The Power of Self-Compassion in Managing ADHD

Living with Attention Deficit Hyperactivity Disorder (ADHD) can be challenging, but practicing self-compassion can significantly contribute to managing its symptoms. Self-compassion involves treating yourself with acceptance, kindness, and understanding, which can create a growth mindset and enhance overall well-being. Here are three specific examples of how self-compassion can empower you to navigate through the complexities of ADHD.


Handling ADHD Medication Shortages

I had several clients run out of their ADHD medication, and due to drug shortages were unable to find the medication needed in time for their final exams. The result was  disappointing losses for their academics, mental health and social lives. I encourage all families who love someone with ADHD to create a plan of action to obtain enough medication to last through the entire semester.


Loneliness Epidemic after the Pandemic

Surgeon General, Dr. Vivek Murthy, issued an advisory this year about how social isolation and loneliness have become widespread problems in the United States. In the advisory, Dr Murthy says that given these profound consequences, loneliness should be treated the same way that we address tobacco use, obesity, and the opioid addiction crisis. Murthy goes on to say that we “are called to build a movement to mend the social fabric of our nation. It will take all of us…working together to destigmatize loneliness and change our cultural and policy response to it.”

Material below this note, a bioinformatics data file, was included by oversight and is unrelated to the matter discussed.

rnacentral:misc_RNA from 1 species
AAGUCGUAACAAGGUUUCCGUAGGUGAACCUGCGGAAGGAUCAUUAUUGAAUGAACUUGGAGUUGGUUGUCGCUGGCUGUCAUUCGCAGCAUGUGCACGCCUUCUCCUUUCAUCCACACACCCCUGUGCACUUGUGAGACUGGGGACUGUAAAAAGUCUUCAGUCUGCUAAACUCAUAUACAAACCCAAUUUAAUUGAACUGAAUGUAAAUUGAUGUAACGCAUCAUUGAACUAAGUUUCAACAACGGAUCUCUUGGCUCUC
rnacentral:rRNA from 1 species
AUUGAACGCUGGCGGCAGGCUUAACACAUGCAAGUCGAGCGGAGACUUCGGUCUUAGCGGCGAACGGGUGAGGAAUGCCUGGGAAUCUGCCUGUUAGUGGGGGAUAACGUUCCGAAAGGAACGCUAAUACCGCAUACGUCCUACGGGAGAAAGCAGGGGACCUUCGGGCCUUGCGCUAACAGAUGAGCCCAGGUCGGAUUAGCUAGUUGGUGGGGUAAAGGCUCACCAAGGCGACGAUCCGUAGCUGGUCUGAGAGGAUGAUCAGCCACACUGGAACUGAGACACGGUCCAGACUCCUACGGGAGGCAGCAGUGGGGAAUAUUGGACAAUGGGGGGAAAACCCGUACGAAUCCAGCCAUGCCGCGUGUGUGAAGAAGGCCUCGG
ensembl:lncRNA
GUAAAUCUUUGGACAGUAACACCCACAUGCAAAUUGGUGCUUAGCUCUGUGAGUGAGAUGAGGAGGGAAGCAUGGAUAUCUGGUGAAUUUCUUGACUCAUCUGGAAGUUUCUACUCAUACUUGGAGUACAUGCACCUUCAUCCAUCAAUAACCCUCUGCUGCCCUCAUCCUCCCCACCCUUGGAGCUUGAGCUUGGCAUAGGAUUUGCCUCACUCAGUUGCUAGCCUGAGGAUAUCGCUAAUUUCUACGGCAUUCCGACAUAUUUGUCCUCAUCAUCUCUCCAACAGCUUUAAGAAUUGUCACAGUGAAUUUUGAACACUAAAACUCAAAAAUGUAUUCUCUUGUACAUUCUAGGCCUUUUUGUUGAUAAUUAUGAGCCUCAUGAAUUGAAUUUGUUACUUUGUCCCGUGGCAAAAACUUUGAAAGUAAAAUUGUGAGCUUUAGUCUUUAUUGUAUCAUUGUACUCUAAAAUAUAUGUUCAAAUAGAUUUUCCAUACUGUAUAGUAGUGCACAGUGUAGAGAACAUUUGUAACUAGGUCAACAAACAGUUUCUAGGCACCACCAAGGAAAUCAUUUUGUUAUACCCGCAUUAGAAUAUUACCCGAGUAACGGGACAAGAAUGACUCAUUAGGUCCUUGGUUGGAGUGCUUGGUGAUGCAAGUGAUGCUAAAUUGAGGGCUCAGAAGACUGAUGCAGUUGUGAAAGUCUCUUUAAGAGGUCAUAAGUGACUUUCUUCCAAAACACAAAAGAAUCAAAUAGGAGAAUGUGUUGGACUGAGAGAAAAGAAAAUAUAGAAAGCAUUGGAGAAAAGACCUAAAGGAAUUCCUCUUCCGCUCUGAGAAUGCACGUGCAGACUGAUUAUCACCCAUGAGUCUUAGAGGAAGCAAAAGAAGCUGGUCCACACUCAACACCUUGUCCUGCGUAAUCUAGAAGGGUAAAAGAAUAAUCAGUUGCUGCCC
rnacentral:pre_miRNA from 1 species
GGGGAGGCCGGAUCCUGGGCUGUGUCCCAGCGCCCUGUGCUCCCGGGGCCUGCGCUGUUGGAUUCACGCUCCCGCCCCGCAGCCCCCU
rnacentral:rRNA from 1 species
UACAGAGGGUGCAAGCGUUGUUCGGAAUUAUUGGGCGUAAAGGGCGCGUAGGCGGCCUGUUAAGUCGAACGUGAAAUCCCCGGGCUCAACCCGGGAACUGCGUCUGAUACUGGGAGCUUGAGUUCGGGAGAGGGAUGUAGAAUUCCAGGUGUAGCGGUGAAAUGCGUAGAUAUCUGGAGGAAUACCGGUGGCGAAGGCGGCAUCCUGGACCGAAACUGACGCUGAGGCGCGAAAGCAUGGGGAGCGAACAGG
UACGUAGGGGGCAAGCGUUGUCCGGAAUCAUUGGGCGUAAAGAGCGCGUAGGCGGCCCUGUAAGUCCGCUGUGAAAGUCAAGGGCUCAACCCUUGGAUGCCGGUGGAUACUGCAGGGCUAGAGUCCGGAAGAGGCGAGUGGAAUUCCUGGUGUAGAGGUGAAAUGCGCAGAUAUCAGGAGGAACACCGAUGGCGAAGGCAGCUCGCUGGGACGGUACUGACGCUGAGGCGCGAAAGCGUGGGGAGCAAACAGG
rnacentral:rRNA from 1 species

During the lockdown part of the pandemic, I  experienced an intensity of loneliness that I had not felt for many years. The usual solitude of living on a small farm evaporated into isolation. As an extrovert, I needed to see and hug and be in the presence of others. I am grateful for family and good friends who worked with me to connect as we were able.

I see that loneliness linger in some of my clients. The solitary and clerical nature of online learning has created a silo effect, a rugged independence and reluctance to dialogue with one another.  The asynchronous structure of classes are for self paced individual learning. Discussion boards have not proven to be able to substitute for live discussion and community building. Some of the most enjoyable learning happens as we talk about the class material. We digest new information when we listen to other people’s perspectives and questions.

This fall I will be implementing a community of care model in my coaching groups. The group members will use their ability to listen well, their perspective and knowledge to help each other. A simple question they might ask one another is “what do you need and how can I help you?” By caring for one another, we create a foundation of togetherness that combats loneliness and supports our well-being.

I encourage you to find a circle of loved ones who will create with you your own community of care. Together, through connection, we can heal from the isolation effects of the pandemic.